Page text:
CBS News’ John Dickerson will have a nightly streaming show

For CBS News political analyst John Dickerson, the future of television news begins Tuesday.

Dickerson has been named the anchor of “CBS News Prime Time,” a daily live program on Paramount Global’s CBS News streaming platform, a free, ad-supported service that delivers news 24 hours a day.

Dickerson is the first high-profile star at CBS News to host a live program since the service relaunched in January. Until now, the network’s biggest names, such as CBS Evening News host Norah O’Donnell and CBS Mornings co-host Gayle King, have done weekly recorded shows for the platform.

Since joining CBS News as an analyst in 2009, Dickerson has hosted the network’s Sunday roundtable program Face the Nation and took on a co-hosting role on CBS This Morning after Charlie Rose was fired in 2017, serving as a contributor at “60 minutes”.

Beginning Tuesday, Dickerson’s program, called “CBS News Prime Time,” will air live Monday through Thursday at 7:00 p.m. Eastern and 4:00 p.m. Pacific. It will be available upon request thereafter.

Dickerson remains a correspondent for CBS News and will continue to be present at special events and breaking news coverage. During the 2016 election campaign, he was the sole moderator of two presidential debates.

Less of a recap of the day’s events, CBS News Prime Time will delve deeper into top stories with longer talks and a historical perspective, a specialty of Dickerson, who has written two books on the presidency.

Dickerson joins a growing number of well-known TV news personalities who are logging more hours on their organizations’ streaming platforms.

The daily version of “Meet the Press,” starring Chuck Todd, recently switched from cable network MSNBC to streaming service NBC News Now. Rising star Tom Llamas, thought to be Lester Holt’s successor as NBC Nightly News host, has been hosting a nightly newscast on NBC News Now since last fall.

Beginning next week, NBC News Now will also be simulcast on the NBC broadcast network, with a live hour for the service presented during the day. The hour replaces the long-running soap The Days of Our Lives, which is moving to the NBC streaming service Peacock.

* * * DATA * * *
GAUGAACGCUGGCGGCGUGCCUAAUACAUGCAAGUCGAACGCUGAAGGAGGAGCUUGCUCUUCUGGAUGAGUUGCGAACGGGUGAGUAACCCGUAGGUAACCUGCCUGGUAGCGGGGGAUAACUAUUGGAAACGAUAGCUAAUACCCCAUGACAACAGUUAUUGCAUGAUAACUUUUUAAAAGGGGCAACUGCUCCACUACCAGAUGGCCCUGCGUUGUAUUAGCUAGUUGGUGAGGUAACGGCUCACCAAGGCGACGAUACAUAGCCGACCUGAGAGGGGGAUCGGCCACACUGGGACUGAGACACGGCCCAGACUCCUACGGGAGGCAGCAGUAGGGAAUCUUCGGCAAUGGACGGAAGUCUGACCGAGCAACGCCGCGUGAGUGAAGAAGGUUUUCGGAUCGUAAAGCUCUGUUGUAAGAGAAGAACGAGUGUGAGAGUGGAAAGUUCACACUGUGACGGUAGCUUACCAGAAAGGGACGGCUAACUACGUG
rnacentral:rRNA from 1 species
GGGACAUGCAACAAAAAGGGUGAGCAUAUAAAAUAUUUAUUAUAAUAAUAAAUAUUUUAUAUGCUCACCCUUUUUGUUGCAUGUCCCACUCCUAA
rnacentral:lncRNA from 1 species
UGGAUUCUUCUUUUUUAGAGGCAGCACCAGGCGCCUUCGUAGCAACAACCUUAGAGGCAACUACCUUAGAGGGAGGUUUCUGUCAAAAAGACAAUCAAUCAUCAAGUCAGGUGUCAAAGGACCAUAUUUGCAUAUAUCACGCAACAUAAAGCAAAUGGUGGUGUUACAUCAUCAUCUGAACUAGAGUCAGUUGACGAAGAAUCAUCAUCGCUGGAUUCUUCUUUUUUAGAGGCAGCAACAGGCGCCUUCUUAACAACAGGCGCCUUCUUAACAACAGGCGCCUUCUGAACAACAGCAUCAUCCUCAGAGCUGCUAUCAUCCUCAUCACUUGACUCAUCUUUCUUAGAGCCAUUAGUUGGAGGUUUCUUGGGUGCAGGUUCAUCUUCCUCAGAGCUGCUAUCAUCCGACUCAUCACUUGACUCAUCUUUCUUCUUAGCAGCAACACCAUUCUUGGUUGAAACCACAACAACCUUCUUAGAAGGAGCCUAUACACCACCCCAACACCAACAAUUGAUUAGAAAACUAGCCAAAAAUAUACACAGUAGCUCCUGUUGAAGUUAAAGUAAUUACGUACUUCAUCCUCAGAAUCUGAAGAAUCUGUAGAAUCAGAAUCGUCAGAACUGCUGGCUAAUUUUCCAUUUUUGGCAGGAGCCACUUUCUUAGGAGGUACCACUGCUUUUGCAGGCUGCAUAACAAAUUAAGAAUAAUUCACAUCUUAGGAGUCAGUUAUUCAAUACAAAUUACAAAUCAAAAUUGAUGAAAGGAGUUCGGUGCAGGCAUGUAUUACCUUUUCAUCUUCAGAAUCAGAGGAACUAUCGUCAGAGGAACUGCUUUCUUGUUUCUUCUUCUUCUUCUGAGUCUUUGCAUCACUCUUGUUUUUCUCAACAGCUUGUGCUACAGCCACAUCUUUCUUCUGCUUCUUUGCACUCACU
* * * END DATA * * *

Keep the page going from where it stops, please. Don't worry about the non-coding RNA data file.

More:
ABC News is also expected to bring its big-name talent to shows for its streaming channel, ABC News Live.

The shift of news talent to streaming is fueled by the need to reach the younger viewers who are no longer watching traditional television. The median age of CBS News Streaming viewers is more than 20 years younger than the audience of the news department’s television shows — a statistic that’s been consistent since the service launched as CBSN in 2014.

Unlike cable news channels, which require a pay-TV subscription, broadcast networks’ streaming news channels are free, available as apps, and widely available on ad-supported platforms like Pluto TV and Tubi.

For Dickerson, becoming heavily involved with the company’s digital platform wasn’t a terrifying prospect. A former print journalist who covered the White House for Time magazine, he was an early adopter in the podcast business, joining Slate’s popular “Political Gabfest” in 2005; He remains co-host. He also hosts a Slate podcast on the presidency called Whistlestop.

Dickerson transitions to streaming with the understanding that he’s licensed to cover stories that might not get significant time on a typical television news show.

“They’re flexible,” Dickerson said in a recent interview. “You just have a little bit more room and space to walk around with it a bit. So there’s something enticing about having some new challenges and new opportunities through the medium that definitely felt like going to Slate when I started Gabfest. I was quite influenced by the idea that form can change and people can be drawn into this relationship with content in new ways.”

Streaming news shows don’t typically get the kind of staffing or budgets that are given to those on traditional television like CBS Evening News.

However, Dickerson noted how the surge in streaming during the pandemic has likely helped viewers adjust to a more streamlined approach to production, which they’ll likely see on CBS News Prime Time.

“I think that’s accelerated the transition to a journalism where it’s important to have the person on TV because they’re an expert talking about what’s happening,” Dickerson said. “And the fact that the recording might not look like the most polished recording from a studio you’ve ever seen — a lot of the barriers to that have fallen in the pandemic age.” CBS News’ John Dickerson will have a nightly streaming show

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